There are many different IOL injector systems from multiple different IOL manufacturers. It is the surgeon’s job to know the difference between them and to be competent in their use. I use IOLs from multiple different companies including Alcon, Bausch & Lomb, Johnson & Johnson (formerly AMO/Abbott), and others, each of which has its own injector system and cartridges.
Pre-loaded IOL injectors are starting to become more common and you’ll see me using them in about half of my videos (look for the blue plastic plunger pushing the IOL into the eye). This is likely going to be more common in the future and will be the way that we implant most of our IOLs.
For now, we still use IOL cartridges and then manually load the IOL into these devices for each case. This accounts for about half of my current surgical volume. For the Alcon Monarch system, there are three primary cartridges: B, C, and D. There is an A cartridge which is rarely used because it requires such a large incision.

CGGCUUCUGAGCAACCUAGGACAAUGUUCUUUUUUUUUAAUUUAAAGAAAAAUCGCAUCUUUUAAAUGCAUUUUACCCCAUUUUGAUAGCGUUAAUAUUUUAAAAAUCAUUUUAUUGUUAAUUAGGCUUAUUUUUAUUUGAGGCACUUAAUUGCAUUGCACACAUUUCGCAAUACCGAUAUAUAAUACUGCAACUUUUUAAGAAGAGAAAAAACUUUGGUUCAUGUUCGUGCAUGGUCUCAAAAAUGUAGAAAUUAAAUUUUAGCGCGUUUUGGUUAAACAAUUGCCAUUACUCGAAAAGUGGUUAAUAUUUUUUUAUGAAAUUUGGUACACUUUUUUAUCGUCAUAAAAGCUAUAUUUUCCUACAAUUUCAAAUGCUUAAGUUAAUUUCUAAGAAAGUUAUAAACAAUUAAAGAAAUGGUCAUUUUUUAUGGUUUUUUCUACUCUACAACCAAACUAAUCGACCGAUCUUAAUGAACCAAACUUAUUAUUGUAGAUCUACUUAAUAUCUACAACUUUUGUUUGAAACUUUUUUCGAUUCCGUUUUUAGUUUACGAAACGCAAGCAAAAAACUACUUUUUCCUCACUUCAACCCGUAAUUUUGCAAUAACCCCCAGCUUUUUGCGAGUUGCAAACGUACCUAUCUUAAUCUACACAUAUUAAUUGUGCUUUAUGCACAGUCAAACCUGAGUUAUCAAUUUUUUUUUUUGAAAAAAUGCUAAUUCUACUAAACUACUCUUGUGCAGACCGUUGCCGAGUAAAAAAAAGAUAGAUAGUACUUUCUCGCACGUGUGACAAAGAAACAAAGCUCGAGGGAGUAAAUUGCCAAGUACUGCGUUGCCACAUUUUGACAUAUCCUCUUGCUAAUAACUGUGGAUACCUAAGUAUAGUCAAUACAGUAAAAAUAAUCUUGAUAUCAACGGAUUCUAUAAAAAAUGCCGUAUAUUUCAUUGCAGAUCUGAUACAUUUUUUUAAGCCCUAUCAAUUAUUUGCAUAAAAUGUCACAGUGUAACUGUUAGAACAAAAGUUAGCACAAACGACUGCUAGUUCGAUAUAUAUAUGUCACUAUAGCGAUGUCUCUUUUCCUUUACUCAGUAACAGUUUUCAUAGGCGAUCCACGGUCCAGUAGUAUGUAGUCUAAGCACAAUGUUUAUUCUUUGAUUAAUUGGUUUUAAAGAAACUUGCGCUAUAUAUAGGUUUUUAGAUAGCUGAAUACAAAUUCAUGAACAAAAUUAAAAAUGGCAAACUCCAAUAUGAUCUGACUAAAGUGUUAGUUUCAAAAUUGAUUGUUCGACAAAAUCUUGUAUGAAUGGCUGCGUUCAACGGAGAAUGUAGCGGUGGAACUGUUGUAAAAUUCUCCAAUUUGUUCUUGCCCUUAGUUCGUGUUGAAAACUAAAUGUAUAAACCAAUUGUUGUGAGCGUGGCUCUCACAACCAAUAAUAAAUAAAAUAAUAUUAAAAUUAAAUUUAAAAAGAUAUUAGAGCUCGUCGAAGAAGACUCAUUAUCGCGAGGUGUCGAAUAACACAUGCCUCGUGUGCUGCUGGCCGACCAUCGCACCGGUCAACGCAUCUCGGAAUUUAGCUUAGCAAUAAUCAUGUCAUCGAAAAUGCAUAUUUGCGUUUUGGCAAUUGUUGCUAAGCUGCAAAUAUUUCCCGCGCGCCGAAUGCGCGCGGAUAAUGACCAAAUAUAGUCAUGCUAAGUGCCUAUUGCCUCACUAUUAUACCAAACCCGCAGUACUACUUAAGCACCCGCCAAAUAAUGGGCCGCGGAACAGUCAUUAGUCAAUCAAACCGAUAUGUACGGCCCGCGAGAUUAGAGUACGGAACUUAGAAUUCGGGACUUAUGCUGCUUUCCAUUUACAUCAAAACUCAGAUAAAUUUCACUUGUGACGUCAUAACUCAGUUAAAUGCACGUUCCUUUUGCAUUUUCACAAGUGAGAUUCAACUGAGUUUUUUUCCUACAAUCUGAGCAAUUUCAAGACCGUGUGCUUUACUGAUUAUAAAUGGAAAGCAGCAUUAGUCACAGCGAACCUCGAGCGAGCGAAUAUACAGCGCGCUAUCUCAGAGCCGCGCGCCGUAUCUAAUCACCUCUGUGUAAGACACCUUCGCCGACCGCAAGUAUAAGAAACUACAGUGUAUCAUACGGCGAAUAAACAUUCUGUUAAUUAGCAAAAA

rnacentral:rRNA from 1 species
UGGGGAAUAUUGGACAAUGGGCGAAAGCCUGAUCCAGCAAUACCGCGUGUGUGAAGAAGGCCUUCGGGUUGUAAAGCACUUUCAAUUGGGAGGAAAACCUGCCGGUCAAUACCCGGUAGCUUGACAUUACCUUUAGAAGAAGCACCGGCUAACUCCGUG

My simple way of remembering the relative tip size is to think that B = big, C = compact, and D = diminutive. The recommended incision sizes are for placing the tip of the cartridge into the incision. If you are using a wound-assist technique where the cartridge tip simply abuts the incision, then a smaller incision can be used.
The D cartridge can be used for most single-piece acrylic IOLs, keeping in mind that it works best for the aspheric IOLs which are thinner. The C cartridge can be used for all singe-piece acrylic IOLs and some three-piece IOLs using a special method. Finally, the B cartridge is recommended for all three-piece IOLs and the special order single-piece IOLs with high dioptric power (+35 to +40).
click below to understand the difference between the B, C, and D Alcon cartridges: